Separation of church and state is not something valued in Somalia the way it is in the United States, so it should not be a shock that Somali refugees who come to America would not suddenly adopt American values, said Ann Corcoran, a watchdog who has been following the refugee industry at Refugee Resettlement Watch for the last 12 years.

“Watching some of Mr. Mohamed’s outreach meetings in Ohio, it could have just as easily been a political rally in Mogadishu,” Corcoran told The Star. “There was not even an interpreter in the room who could translate what the candidate was saying into English, presumably because there were no native-English speakers present at the rally.”

Reliable figures for Somali refugees in Columbus, just like in Minneapolis, are difficult to find. But most agree that the U.S. Census figures are grossly undercounted. Somalis have been arriving in Columbus since the early 1990s, most of them from United Nations refugee camps in Kenya and Ethiopia.

Mohamed told Columbus Alive that he estimates the community to be around 40,000 to 50,000, making Columbus the second-most-populous home for Somalis in the U.S. Only Minnesota, with an estimated 100,000 Somalis clustered mostly in the greater Minneapolis-St. Paul area, has more refugees from Somalia.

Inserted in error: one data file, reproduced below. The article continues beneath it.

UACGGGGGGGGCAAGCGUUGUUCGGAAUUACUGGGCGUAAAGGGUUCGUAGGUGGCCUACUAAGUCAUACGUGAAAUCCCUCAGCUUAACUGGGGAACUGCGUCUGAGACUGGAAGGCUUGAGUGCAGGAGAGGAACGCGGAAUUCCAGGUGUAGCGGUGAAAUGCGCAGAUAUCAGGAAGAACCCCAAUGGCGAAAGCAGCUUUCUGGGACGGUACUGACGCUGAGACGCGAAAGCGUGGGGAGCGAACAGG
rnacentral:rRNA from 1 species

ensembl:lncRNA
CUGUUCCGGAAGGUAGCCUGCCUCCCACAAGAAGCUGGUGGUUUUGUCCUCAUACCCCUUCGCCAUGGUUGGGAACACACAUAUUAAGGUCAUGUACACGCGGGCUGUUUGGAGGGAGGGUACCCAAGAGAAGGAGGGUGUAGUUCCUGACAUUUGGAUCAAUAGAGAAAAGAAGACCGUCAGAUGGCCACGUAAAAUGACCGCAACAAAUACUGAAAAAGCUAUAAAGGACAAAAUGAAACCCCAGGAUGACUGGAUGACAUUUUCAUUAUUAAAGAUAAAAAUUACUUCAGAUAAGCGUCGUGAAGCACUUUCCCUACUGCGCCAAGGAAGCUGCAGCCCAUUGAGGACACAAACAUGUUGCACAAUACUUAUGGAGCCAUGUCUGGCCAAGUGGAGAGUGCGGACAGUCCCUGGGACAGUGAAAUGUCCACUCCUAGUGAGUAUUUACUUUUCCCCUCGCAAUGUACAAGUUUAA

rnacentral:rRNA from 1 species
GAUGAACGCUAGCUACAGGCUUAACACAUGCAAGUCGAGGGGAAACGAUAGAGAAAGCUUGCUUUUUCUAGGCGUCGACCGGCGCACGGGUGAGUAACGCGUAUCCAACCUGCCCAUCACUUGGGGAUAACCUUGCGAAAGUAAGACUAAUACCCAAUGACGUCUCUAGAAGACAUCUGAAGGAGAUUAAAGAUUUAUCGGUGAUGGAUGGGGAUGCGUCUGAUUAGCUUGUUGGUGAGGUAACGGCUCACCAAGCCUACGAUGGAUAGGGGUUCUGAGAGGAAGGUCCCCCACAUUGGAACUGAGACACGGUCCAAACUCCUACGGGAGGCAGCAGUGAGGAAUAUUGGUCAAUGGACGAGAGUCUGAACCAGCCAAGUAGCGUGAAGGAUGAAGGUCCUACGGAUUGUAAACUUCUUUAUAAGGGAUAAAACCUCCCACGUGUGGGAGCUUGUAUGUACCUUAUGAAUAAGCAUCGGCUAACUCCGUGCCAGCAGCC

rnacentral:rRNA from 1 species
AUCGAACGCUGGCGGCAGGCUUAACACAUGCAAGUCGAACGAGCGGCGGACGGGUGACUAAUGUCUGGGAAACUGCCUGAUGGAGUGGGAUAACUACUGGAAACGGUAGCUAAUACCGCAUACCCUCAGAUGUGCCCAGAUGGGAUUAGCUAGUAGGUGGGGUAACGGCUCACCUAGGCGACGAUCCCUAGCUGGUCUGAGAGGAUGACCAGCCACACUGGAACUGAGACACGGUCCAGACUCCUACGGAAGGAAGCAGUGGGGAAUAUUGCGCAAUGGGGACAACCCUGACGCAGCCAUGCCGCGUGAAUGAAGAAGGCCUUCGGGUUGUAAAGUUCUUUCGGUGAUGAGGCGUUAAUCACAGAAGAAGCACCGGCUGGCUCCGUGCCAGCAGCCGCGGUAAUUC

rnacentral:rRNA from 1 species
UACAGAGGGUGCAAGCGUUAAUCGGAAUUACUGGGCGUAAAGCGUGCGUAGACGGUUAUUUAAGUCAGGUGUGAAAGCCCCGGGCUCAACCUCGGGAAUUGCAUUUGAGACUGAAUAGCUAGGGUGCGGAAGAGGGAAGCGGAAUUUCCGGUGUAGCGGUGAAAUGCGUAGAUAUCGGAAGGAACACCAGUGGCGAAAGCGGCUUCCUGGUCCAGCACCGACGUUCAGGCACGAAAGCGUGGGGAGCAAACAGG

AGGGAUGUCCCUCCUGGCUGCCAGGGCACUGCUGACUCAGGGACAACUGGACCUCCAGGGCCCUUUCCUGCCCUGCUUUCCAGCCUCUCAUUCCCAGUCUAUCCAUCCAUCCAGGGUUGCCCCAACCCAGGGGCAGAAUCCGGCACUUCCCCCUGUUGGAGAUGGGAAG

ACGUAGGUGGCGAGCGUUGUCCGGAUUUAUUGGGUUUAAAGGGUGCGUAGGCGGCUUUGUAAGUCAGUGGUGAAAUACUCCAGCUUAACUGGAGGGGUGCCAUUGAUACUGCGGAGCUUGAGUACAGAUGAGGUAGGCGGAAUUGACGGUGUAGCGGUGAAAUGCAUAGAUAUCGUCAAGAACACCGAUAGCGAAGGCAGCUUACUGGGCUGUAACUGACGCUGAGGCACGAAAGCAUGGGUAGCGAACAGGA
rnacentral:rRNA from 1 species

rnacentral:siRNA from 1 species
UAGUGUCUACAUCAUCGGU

Mohamed estimates there are “at least 10,000 Somali voters” in Columbus and “around 60 percent of them vote, maybe even higher during a presidential year.”

‘All vote Democratic’

Now here’s the kicker. Of those registered Somali-American voters, Mohamed noted that “all vote Democratic, except for a super tiny number of Republican Somali voters.”

The significance of a voting bloc that votes this reliably for one party cannot be overestimated. Somalis were widely credited with helping Al Franken win a recount election to the U.S. Senate in 2008 over Republican Norm Coleman. Franken won that election by a mere 312 votes and went on to cast a critical vote in favor of Obamacare.

So this may be a harbinger of the Democratic Party’s future road map in turning Ohio into a solid blue state.

According to U.S. State Department data, Ohio was the third most welcoming state for refugees in fiscal-year 2018, which ended Oct. 1. A total of 1,406 refugees arrived in Ohio over the 12-month period. Only two states, Texas and Washington, took in more refugees.

Ohio Gov. John Kasich recently told a group in Washington, D.C., that if they didn’t like immigrants “send them to Ohio.”

Due to President Trump’s implementation of “extreme vetting,” however, fewer refugees are coming into the U.S. from Somalia, Syria, Sudan, and other broken countries from which little background data is available from law enforcement agencies. As a result, only 14 Somalis made it to Ohio in fiscal 2018, compared to 425 in fiscal 2017 and 690 in fiscal 2016 under President Obama.

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Anthony Accardi is a writer and reporter for The Ohio Star.

Image “Ismail Mohamed” by